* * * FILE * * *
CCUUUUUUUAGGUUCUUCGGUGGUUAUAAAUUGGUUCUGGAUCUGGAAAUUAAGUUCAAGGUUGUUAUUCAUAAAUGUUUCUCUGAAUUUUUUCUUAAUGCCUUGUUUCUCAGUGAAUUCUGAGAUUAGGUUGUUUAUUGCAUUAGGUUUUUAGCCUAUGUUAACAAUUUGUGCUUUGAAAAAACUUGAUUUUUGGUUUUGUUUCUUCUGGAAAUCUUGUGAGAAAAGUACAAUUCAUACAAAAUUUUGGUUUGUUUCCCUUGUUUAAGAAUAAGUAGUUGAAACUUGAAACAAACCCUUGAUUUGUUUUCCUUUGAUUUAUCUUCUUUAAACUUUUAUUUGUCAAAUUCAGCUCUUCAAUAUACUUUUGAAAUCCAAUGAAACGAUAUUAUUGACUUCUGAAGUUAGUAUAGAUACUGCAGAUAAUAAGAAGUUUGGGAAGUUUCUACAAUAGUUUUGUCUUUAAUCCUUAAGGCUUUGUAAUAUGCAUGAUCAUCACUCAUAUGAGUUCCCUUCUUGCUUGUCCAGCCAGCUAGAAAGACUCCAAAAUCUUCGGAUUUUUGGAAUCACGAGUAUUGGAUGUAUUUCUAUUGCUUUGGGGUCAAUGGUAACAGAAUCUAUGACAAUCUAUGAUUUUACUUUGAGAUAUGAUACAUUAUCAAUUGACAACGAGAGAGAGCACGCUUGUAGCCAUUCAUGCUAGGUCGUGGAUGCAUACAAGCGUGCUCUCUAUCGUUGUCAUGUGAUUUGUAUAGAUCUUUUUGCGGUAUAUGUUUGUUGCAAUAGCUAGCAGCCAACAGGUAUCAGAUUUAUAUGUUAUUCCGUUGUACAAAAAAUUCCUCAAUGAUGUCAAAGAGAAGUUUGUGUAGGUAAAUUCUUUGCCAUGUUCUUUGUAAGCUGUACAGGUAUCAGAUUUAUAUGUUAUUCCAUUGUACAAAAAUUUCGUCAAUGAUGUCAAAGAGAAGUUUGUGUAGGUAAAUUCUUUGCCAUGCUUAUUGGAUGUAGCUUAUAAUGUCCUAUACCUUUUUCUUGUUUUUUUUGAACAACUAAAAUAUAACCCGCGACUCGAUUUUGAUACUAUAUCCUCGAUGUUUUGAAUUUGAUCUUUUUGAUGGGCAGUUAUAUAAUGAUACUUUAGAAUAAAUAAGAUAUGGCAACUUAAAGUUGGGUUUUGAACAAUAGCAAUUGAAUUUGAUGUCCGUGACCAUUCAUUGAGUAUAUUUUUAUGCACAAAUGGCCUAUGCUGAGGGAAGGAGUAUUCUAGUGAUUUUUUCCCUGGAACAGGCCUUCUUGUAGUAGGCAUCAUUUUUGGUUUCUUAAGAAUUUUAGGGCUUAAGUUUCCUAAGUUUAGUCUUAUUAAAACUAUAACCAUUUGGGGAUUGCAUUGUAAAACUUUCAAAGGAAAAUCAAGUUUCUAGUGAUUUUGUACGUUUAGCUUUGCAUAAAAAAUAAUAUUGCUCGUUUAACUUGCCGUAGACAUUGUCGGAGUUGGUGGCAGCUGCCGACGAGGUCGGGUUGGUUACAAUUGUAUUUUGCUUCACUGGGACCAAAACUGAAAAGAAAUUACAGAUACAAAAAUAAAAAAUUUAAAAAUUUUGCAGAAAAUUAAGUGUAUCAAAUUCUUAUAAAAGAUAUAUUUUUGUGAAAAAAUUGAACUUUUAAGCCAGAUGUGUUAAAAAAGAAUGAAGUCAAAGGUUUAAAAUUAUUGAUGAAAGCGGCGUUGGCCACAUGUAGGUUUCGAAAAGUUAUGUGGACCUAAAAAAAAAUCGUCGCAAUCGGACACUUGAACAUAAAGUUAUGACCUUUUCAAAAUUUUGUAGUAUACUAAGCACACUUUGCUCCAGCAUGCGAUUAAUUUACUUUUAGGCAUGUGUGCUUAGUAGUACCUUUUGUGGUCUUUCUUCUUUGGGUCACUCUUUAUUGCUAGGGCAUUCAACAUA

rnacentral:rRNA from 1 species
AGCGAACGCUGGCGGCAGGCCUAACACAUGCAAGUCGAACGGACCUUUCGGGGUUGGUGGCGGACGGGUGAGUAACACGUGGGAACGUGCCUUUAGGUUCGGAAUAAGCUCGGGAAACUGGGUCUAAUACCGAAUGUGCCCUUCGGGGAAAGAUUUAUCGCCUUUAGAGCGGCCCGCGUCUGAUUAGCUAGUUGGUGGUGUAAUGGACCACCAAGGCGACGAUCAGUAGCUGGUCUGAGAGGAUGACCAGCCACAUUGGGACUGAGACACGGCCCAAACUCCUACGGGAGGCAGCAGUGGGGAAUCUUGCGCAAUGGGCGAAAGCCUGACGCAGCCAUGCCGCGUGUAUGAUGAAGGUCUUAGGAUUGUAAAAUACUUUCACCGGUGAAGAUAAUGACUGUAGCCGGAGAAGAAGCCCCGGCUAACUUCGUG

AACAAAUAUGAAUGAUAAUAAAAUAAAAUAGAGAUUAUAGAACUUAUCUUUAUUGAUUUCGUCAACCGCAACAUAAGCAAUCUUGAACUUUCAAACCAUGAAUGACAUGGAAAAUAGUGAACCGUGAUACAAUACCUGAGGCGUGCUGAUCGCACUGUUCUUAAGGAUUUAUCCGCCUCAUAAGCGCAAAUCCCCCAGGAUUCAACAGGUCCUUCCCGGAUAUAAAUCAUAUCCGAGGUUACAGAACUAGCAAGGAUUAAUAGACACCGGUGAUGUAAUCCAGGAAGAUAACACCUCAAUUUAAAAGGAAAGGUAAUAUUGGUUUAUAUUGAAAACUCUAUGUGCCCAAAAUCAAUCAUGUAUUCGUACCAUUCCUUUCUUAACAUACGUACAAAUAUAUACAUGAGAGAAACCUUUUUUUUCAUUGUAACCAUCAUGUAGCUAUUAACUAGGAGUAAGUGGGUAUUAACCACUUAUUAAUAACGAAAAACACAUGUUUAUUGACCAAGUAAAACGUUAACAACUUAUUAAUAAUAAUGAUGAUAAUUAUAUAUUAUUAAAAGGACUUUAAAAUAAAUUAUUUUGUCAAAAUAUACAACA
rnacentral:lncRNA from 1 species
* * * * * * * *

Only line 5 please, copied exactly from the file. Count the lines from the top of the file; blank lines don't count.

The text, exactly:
rnacentral:lncRNA from 1 species